Pro: He was the final piece of the puzzle that was United's attack this season. Or the last little bit of tuning to get the engine humming properly, if you prefer that metaphor. His ability to play wide midfield or withdrawn forward or even lead the line at a high level was pivotal this year. His movement and easy understanding with teammates unleashed Fabian Espindola and Luis Silva to reach higher heights than they might have without the magic headband on the field with them. He's famously healthy in his eating, and he looked good in the playoffs on his return from injury, so even at 31, there's reason to think he's got at least a couple years left in the tank, upping the risk that one of the expansion teams takes him.
Con: We thought the same thing about even more hardcore healthfood nut Dwayne De Rosario having some time left before he dropped off, and look where that got us (though DeRo's MVP year came when he was 34). Rolfe is another guy earning more than $200k in guaranteed compensation, so like Pontius and Boswell, he may be overlooked by Orlando and NYC, who will try to keep some flexibility as they build their rosters.
Pro: I should say at the outset here that Chest convinced me on this one. Opare could be a starter at centerback for a lot of teams in MLS - he could arguably start for three of the four teams left in the MLS Cup playoffs (the fourth being the Galaxy, from whence he came to DC). Central defense, mind you, is a pretty important position on the field, and one where it is increasingly difficult not to overpay for quality. Opare is pulling a criminally low salary at less than $50k. So, Adrian Heath or Jason Kreis would be able to get themselves an opening-day starter at CB who eats up no cap space at all. Basically, Opare is gone if he's exposed - so let's not expose him and instead keep him around to be Boswell's heir presumptive or at least an asset we can get value for.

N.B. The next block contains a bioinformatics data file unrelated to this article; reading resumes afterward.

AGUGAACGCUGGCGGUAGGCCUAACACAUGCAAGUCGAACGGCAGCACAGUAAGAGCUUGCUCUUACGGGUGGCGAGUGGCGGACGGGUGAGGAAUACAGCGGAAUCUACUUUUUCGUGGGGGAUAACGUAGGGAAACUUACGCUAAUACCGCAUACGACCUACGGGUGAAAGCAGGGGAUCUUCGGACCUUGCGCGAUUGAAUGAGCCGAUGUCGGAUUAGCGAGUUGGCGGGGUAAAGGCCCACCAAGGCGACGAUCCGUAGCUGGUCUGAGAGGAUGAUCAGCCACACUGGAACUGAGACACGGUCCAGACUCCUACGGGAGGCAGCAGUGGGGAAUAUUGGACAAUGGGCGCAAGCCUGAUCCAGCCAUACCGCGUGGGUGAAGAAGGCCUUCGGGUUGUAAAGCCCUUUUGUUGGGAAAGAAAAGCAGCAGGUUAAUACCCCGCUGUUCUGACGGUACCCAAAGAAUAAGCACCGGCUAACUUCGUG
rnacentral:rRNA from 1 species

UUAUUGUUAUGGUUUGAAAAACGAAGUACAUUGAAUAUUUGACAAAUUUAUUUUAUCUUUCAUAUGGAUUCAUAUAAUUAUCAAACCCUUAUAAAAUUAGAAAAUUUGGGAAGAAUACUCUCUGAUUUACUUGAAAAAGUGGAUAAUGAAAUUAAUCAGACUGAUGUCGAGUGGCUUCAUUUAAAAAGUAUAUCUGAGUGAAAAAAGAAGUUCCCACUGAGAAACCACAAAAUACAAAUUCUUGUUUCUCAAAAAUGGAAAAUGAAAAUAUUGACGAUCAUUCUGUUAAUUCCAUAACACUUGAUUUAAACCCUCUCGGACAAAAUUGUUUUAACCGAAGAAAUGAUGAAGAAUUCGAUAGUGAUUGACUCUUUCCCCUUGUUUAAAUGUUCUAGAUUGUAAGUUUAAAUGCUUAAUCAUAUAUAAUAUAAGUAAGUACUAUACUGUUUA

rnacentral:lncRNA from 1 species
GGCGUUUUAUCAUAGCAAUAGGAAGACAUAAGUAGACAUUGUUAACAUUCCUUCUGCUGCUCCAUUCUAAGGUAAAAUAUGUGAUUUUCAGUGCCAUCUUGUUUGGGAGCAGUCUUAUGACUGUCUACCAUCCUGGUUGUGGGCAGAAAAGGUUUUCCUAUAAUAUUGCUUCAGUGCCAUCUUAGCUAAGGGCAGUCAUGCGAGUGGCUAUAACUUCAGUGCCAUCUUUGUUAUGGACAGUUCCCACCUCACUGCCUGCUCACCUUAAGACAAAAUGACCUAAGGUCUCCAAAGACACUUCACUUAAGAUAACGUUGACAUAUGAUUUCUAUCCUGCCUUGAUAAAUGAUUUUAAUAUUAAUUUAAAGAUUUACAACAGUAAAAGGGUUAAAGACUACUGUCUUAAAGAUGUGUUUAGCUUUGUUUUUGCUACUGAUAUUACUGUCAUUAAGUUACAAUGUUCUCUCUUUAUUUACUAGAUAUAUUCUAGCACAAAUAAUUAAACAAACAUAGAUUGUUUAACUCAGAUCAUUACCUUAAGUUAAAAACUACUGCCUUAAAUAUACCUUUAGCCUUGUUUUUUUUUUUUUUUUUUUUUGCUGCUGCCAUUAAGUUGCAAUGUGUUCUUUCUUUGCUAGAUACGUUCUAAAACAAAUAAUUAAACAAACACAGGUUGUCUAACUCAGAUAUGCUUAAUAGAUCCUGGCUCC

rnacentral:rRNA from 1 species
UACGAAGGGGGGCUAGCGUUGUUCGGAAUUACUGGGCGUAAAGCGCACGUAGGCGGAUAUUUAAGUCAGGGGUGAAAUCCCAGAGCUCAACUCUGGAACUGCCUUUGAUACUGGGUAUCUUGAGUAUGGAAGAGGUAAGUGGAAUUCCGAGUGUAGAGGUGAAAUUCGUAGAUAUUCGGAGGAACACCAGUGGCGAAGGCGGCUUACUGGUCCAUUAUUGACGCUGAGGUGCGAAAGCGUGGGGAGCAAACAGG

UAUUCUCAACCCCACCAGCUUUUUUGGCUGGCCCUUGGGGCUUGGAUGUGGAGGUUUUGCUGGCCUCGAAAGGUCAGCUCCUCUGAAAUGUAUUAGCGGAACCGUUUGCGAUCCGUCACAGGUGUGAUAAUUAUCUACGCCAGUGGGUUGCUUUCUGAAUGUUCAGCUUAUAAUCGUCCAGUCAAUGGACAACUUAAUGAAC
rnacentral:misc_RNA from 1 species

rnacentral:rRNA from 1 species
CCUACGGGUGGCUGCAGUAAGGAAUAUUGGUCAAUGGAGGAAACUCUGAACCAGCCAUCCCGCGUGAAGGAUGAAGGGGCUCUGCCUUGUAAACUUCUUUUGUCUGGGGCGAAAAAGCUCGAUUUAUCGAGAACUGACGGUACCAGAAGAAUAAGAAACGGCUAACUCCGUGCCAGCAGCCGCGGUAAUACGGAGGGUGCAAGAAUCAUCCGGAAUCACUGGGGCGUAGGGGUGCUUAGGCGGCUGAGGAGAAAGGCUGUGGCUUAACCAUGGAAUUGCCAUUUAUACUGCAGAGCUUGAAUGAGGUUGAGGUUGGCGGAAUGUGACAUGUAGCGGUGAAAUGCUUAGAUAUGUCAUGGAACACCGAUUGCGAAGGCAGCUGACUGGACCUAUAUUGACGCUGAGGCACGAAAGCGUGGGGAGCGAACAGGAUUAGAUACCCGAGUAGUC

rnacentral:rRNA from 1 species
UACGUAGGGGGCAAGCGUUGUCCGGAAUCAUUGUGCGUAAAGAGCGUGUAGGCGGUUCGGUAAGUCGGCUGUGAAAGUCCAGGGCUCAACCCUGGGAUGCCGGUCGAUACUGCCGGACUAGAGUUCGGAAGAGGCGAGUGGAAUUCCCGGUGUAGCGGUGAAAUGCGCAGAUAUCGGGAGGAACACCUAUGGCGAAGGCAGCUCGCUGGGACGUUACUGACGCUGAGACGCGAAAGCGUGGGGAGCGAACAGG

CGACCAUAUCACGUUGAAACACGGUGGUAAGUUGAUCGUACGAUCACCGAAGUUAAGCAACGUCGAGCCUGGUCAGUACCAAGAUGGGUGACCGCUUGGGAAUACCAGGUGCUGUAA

Con: Protecting him means burning a precious list spot on a guy who might not get higher than fourth on the depth chart next year if Jeff Parke is healthy. That means we're exposing some players - some starters - we'd really rather not leave out there.
First Five Out
Pro: He was vital to United's 2014, and I mean that in as literal a sense as possible: DCU failed to win a game in which he didn't start in the center of the park. He's been taken in an expansion draft previously, and he's been captain on every team he's ever been on except for United - that leadership is the kind of thing expansion teams need to succeed in their early years, and it would be enough to warrant guaranteed protection if not for...
Con: His age. At 34, it's tough to say exactly how much longer Arnaud will keep playing at a high level, so it seems worth the risk to expose him, especially since he doesn't seem like one of the top two candidates for selection on any version of United's exposed players list.
Pro: He's young, he's cheaper than cheap (unreasonably so, in fact, even less than Opare, but that's a different post), and his learning curve is looking better every day. He pushed Chris Korb out of the starting XI and delivered the first-time inch-perfect cross to Nick DeLeon's head on the biggest stage he's yet appeared on. He should be a building block for the future at left back, the only question is whether it will be in Black-and-Red or else City Blue or Lion Purple.
Con: There are other guys who are more vital to the team, both now and for the future, who Ben Olsen needs to protect more. I don't like leaving Kemp out in the wind, but there's nobody above him who I would take out to save him (except for Inkoom, which isn't an option due to international roster rules). It's a risk, and Kemp would probably be the guy I'd pull back if somebody else goes before him in the draft, no matter who that guy is. But the fullback position isn't where I want to spend my protection chits; more on that in a second.